By Colin Burrowes, Spoke News
Visits to the vet don’t have to scare you if you are a student trying to make ends meet. East Village Animal Hospital, better known as EVAH, in Kitchener has your back if you are a pet-loving OSAP student or working student earning less than $40,131 per year.
“If they are on OSAP, they qualify immediately.” said Euraysia Duhainn, a medical veterinary assistant at EVAH, regarding the facility’s discounted rates. “All they need to do is bring in their OSAP confirmation papers or they can bring their notice of assessment.”
All the rates are reduced to help accommodate individuals with lower incomes. At EVAH, vaccinations are $10, cats are neutered for $75 and spayed for $100, and dogs are neutered for $175 and spayed for $200.
“EVAH is a high speed spay/neuter clinic,” said Bon Tran, a surgical veterinary assistant. “Up to 30 a day, generally spay/neuters for cats. A dog spay can be an hour or more, whereas cat spays — our vets have got down to seven minutes.”
Pets who have been spayed/neutered are eligible for full medical appointments.
“My job as a medical veterinary assistant is helping with appointments, vaccinations, blood draws, monitoring,” said Duhainn. “Pretty much everything that comes with a medical appointment.”
Animals six weeks old and over one kilogram are eligible for the spay/neuter service, but it is recommended pet owners wait until their kittens and puppies are at least 12 weeks old.
“That way we can spay/neuter and do all the vaccines at the same time,” aaid Duhainn. “It’s easier for them, cheaper for them and the cats or dogs are a little bit older so it’s safer for them as well.”
EVAH staff encourage new clients to call in advance if they are planning to get their pet in in for an appointment. There is usually a two-week wait for medical appointments and spay/neuters are booking a month in advance.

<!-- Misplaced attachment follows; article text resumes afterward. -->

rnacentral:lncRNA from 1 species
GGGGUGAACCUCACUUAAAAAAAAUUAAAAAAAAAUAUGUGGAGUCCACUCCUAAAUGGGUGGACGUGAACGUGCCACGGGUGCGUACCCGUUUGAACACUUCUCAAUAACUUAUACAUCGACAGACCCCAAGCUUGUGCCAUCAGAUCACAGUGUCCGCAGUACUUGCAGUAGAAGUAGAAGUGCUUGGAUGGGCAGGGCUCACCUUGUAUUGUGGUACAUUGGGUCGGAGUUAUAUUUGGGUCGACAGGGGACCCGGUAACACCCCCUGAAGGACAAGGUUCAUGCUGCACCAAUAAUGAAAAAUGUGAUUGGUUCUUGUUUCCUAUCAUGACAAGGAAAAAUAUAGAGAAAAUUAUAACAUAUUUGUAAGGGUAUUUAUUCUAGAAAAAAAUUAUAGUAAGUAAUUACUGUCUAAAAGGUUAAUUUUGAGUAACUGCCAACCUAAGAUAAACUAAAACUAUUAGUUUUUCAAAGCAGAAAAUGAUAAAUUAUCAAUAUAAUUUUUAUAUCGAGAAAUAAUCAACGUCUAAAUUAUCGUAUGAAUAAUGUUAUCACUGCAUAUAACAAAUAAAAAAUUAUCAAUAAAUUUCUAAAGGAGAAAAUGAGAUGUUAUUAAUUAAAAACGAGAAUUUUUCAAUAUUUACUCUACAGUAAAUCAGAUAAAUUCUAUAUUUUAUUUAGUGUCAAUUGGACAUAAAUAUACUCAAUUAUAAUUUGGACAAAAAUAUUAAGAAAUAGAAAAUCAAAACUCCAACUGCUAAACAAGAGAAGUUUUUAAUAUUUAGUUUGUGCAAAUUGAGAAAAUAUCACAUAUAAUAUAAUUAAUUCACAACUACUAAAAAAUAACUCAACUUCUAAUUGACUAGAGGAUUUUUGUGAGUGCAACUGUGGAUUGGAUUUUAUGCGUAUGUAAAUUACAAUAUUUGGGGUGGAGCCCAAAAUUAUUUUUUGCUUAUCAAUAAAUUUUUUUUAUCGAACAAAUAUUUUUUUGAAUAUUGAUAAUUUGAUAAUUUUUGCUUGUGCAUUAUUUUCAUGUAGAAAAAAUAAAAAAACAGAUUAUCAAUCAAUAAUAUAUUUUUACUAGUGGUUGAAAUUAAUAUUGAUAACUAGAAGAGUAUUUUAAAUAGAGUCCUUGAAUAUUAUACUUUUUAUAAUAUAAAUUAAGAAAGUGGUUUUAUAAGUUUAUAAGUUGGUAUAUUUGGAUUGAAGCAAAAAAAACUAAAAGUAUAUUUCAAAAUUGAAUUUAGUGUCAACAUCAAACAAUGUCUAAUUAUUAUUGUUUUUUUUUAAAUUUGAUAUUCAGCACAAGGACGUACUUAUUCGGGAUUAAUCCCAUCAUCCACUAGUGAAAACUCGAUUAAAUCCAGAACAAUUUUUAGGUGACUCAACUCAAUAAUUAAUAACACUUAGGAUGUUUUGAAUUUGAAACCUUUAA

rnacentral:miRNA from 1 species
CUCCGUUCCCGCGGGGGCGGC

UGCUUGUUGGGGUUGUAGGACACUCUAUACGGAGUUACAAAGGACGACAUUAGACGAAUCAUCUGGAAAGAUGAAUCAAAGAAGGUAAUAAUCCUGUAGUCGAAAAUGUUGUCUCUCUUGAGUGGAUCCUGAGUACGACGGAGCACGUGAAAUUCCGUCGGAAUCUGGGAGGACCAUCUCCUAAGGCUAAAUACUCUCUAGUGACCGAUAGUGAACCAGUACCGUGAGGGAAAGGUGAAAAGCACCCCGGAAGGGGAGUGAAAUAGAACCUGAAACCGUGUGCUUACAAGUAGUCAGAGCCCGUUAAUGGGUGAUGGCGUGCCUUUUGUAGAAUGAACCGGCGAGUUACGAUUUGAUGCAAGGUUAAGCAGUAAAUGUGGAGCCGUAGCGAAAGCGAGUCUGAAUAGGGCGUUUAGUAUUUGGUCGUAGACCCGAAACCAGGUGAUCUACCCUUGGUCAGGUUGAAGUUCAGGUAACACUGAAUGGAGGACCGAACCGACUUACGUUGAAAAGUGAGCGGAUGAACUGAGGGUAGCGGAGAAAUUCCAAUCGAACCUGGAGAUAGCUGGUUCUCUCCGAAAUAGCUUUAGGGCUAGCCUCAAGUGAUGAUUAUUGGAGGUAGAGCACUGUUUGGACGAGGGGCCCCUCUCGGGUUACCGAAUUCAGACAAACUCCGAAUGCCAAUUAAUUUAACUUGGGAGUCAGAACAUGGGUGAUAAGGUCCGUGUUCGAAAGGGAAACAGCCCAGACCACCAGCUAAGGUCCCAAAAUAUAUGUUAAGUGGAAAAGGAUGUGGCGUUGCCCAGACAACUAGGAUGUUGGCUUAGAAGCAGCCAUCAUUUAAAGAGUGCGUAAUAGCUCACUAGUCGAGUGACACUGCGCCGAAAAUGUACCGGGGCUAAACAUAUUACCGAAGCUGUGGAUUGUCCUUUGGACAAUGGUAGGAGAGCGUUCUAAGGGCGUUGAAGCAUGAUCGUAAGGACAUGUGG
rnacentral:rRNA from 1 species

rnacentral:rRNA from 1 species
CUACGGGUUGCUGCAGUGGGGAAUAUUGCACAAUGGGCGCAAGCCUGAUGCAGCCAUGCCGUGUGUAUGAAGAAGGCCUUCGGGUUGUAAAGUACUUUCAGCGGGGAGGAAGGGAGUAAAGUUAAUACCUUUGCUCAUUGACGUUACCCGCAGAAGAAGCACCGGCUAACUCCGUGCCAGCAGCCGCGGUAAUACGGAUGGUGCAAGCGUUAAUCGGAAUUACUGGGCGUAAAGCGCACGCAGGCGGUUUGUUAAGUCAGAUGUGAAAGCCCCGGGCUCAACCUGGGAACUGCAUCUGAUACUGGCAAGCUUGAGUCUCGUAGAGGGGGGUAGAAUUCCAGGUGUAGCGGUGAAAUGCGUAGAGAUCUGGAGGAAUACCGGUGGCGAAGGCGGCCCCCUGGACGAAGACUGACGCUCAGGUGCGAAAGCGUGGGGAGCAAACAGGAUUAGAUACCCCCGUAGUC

Laurie Ristmae, executive director at EVAH, also mentioned their affiliated dog and cat rescue, ARF Ontario.
“You’d think it’s mostly dogs because of the name, but ARF meows too,” said Ristmae. “ARF is a 100-per-cent volunteer group. We work with First Nations communities specifically. We take requests from band members to rescue, rehabilitate and re-home unwanted cats and dogs.”
They also provide animal welfare supports, such as delivering kibble and free dog houses in the winter.
“Anything we can do to help educate folks on animal welfare,” said Ristmae. “That is what we’re here to do in our First Nations communities.”
Both EVAH and ARF rely on volunteers, so Ristmae encourages anybody with a few free hours a week to inquire. Most importantly, she encourages pet owners who may have been putting off a vet visit to give the clinic a call.
“Sometimes people don’t take their animal to the vet for years,” said Ristmae. “They just assume it’s not accessibly priced.”
There is also a microloan program where the staff and volunteers will raise a little bit of money through events like bake sales.
“If there is an emergency situation – a life or death situation and the funds aren’t quite there at the time — we are going to try our best to figure something out for you,” Ristmae said.